“By the precise language of the statute, the class representatives lack standing to pursue a claim for Sale in Error as they are not alleged to be tax buyers and have not shown that they are tax buyers,” he wrote.
Reiterating that the class representatives do not have standing to pursue a Sale in Error claim, Unrath adds that a class action claim for sale in error requires consideration of individualized issues for each parcel of property, making class certification inappropriate.
“When the statutory factors are reviewed, it becomes apparent that successful adjudication of one plaintiff’s claim will not establish a right of recovery in any other class member.
“Class action precedent mandates that a judgment in favor of the class members should decisively settle the entire controversy, and all that should remain is for other members of the class to file proof of their claim,” the petition states.
As for the money had and received claim, Unrath argues that the plaintiffs failed to allege any facts suggesting Madison County retained any money as a result of Bathon’s tax-buying system.
“Put simply, no money was ‘had,’ nor was any ‘received,’” he wrote
Madison County asserts that it received no benefits from Bathon’s conduct.
“For each putative class member, a determination of Madison County’s liability for money had and received cannot be made without an evaluation of whether Madison County retained funds from the individual absent class member’s payment of allegedly excessive penalty rates," Unrath wrote.
“This is especially true in this case where, as a matter of practice and as plaintiffs concede, Madison County did not retain money paid due to the allegedly excessive penalty rates but would have simply passed that money on to the tax buyers."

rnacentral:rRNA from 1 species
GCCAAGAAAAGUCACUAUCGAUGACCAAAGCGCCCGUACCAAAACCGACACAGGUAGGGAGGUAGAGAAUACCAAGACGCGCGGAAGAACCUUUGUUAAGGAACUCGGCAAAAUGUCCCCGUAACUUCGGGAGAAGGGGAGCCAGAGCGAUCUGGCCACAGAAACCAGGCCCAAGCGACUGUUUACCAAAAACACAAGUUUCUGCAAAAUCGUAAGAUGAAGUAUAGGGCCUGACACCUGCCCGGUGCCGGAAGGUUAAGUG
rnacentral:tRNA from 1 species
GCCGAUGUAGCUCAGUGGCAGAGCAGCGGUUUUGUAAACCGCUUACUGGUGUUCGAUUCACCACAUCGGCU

Both defendants contend class representatives Scott Bueker, Virgil Straeter and Richeson Real Estate bore the burden of demonstrating that class certification was proper, which they failed to do, the petitions state.
“Plaintiffs neglected to provide any discussion or analysis as to how damages could be tried or determined. The reason for this oversight is readily apparent – the individualized nature of damages so predominates over any common issues that class certification is improper,” Unrath wrote.
The defendants reiterate that in order to determine damages and causation, the court would have to conduct an “extensive” analysis into every single parcel of land and every single tax sale.
“Plaintiffs neglected to provide any discussion or analysis as to how damages could be tried or determined and the trial court could not come up with a plan on its own
Instead, it said it is satisfied that an appropriate method can be reached. If this class is to be certified, litigants have a right to know how damages will be calculated,” Foley’s petition states.
Additionally, they accuse the three plaintiffs of being inadequate class representatives, arguing that none of them had delinquent taxes for all of the appropriate years and did not have taxes purchased by all of the named defendants.
“Moreover, as part of this action, Straeter wants to challenge his property tax assessments and recover some of the underlying property taxes he paid on his property," the petitions state. "This makes Straeter’s claim significantly different from those of absent class members."
Because Foley is accused as a tax buyer participating in Bathon’s scheme, his petition specifically argues that claims against him cannot be proven on a class-wide basis, meaning class certification should not have been approved.
“As a consequence, allowing certification of the claims against Mr. Foley without this primary showing (and exposing Mr. Foley to the burdens and expenses associated with a certified class) violates basic notions of fairness and justice,” Unrath wrote.